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The Australian Govt. should adopt the precedent set by Canada and Switzerland and legislate that each inmate convicted of a Sadistic, Brutal, Heinous, Unprovoked Murder/s that is identified or sentenced Never To Be Released should -


(a)        complete a statutory declaration every two years that attests that s/he declines assisted dying by lethal injection; and

(b)        have the right to request assisted dying at any time in between the formal written approach each two years

Below is an extract from Death with Dignity for the Seemingly Undignified: Denial of Aid in Dying in Prison (2019) by Los Angeles Lawyer, Kathleen Messinger


Opinions about aid in dying have evolved in recent years and the public has become more accepting of the underlying rationale for permitting it. The autonomy, self-determination, and pain that a terminally ill patient may feel justifies the decision to die with dignity. Not only has the public become more receptive, but courts and state legislatures have as well. Despite an overall trend towards compassion in aid in dying, terminally ill incarcerated individuals are not afforded the same compassion, nor the same opportunities to end-of-life care. This is a violation of the Constitution’s prohibition on cruel and unusual punishment because it is unnecessarily punitive and exacerbates the pain of individuals already suffering. When the state strips individuals of their freedom and denies them their ability to “provide for their own needs,” the government has an affirmative duty to provide for the inmate.249 Regardless of how we morally feel about aid in dying as an option, and perhaps believe that those incarcerated deserve to suffer, the state must fulfill its obligation to provide for aid in dying because anything less is “incompatible with the concept of human dignity....."250 "

Below is an extract from Never To Be Released Prisoners:

"Canada has led the way in considering the rights of prisoners to request 'assisted dying' in countries that have sanctioned 'assisted dying'.  Below are two pertinent extracts from the Dalhousie University, Canada paper Assisted dying for prison populations: Lessons from and for abroad  - Aug 20, 2019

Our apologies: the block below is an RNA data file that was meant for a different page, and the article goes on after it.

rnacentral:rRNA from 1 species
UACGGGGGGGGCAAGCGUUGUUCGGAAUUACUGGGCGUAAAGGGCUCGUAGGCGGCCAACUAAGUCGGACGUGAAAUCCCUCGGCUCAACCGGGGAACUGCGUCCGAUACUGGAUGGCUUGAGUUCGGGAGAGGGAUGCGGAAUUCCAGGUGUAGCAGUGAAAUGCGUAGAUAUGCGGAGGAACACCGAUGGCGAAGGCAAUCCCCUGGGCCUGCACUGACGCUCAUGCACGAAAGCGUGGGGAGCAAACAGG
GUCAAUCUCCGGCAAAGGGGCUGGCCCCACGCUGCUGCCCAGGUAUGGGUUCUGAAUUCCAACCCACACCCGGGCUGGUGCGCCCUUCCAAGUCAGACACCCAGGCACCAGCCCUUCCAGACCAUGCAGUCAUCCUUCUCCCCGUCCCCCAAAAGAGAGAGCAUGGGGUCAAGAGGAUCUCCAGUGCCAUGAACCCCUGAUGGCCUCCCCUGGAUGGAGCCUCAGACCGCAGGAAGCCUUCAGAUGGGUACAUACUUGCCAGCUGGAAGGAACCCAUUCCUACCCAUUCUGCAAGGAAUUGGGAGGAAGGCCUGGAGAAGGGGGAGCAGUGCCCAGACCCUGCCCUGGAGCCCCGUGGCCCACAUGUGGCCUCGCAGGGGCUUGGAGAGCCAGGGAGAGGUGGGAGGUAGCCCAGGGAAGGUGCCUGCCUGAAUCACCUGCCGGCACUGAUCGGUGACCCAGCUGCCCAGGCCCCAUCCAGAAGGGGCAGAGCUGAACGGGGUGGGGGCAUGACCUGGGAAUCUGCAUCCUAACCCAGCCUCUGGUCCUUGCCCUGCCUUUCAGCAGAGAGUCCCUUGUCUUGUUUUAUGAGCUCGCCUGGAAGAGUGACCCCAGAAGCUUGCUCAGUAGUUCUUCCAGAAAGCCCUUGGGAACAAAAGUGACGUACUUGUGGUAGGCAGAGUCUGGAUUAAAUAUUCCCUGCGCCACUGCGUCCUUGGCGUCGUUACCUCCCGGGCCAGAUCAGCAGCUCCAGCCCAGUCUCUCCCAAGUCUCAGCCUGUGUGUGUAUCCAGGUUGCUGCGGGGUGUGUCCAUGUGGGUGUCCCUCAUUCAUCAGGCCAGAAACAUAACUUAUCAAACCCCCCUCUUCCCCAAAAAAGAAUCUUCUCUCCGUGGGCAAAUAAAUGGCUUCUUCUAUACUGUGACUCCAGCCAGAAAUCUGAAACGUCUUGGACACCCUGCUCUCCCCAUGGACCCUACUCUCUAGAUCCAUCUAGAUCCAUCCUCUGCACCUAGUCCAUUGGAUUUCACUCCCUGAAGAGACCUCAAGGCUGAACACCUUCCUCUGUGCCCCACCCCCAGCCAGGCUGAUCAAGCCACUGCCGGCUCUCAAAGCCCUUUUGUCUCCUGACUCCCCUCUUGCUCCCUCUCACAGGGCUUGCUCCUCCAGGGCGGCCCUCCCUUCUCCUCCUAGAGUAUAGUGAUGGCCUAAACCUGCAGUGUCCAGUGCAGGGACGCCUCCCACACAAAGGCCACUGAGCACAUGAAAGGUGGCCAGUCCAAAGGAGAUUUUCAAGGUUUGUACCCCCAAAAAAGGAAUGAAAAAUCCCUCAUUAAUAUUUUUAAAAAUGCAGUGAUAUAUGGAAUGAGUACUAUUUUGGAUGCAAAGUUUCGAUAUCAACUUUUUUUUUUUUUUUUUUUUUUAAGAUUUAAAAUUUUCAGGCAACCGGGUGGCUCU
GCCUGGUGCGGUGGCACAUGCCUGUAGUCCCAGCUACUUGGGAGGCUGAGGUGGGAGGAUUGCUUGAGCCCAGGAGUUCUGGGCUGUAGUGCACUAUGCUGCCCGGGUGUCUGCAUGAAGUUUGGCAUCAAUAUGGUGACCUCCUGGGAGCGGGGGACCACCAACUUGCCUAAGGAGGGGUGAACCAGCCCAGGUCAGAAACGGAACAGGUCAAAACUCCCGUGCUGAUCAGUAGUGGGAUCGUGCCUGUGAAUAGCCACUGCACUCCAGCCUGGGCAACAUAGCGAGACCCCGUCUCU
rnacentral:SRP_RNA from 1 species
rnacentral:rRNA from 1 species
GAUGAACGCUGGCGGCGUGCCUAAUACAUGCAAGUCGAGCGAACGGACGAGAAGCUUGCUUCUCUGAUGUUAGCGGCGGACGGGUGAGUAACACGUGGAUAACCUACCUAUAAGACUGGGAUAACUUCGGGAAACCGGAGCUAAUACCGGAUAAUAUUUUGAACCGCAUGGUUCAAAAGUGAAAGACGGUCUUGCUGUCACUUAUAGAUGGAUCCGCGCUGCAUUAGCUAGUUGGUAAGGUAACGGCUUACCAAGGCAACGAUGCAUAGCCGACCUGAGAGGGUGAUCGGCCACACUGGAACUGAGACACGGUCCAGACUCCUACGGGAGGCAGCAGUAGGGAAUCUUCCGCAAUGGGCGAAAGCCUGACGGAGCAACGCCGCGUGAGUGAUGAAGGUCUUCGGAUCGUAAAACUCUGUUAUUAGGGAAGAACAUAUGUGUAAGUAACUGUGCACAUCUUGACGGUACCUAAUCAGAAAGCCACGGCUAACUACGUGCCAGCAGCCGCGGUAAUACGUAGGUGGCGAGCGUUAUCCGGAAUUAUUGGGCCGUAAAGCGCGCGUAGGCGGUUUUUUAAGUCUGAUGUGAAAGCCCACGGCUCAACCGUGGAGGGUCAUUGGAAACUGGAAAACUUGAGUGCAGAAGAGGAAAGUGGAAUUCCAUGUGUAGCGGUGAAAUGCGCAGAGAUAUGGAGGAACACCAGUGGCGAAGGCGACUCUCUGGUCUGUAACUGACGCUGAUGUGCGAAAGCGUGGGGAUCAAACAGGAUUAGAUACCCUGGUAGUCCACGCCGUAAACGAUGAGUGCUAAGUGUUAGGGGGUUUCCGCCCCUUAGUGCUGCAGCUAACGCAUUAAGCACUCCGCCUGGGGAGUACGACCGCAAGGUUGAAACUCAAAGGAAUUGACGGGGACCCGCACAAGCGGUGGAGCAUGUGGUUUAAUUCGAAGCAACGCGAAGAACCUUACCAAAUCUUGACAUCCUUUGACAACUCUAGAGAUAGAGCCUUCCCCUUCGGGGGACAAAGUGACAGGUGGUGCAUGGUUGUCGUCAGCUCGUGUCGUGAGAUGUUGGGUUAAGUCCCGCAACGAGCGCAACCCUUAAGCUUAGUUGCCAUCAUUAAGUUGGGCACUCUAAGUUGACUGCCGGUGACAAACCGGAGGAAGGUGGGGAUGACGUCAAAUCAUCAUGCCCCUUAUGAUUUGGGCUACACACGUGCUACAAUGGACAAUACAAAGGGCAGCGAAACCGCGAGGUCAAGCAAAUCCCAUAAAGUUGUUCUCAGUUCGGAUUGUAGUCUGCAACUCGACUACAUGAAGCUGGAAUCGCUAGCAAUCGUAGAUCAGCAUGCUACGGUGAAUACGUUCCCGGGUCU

Currently, 15 jurisdictions allow the practice of assisted dying. Six of these jurisdictions are countries (Belgium, Canada, Colombia, Luxembourg, the Netherlands, and Switzerland).
Eight are jurisdictions within the United States (California, Colorado, the District of Columbia, Hawaii, Montana, Oregon, Vermont, and Washington) and one is a state in Australia (Victoria).
16 The prison context is not mentioned in any assisted dying law in any jurisdiction with the exception of Canada.17
No law explicitly excludes prisoners from accessing assisted dying or describes a different legal framework for assisted dying that is specific to prisoners.
We found no official guidelines specifically regulating assisted dying in prisons in any permissive jurisdiction, with the exception of Canada.

Once assisted dying has been decriminalized, in many jurisdictions, it must be made available to a country’s prison population because of the principle of equivalence of care. This principle establishes that a country’s prisoner population must be provided with health care that is equivalent to what members of that country’s general population receive.19 This principle has received international recognition and is included in the Standard Minimum Rules for the Protection of Prisoners (known as the Mandela Rules), one of the main United Nations guidelines for the protection of prisoners.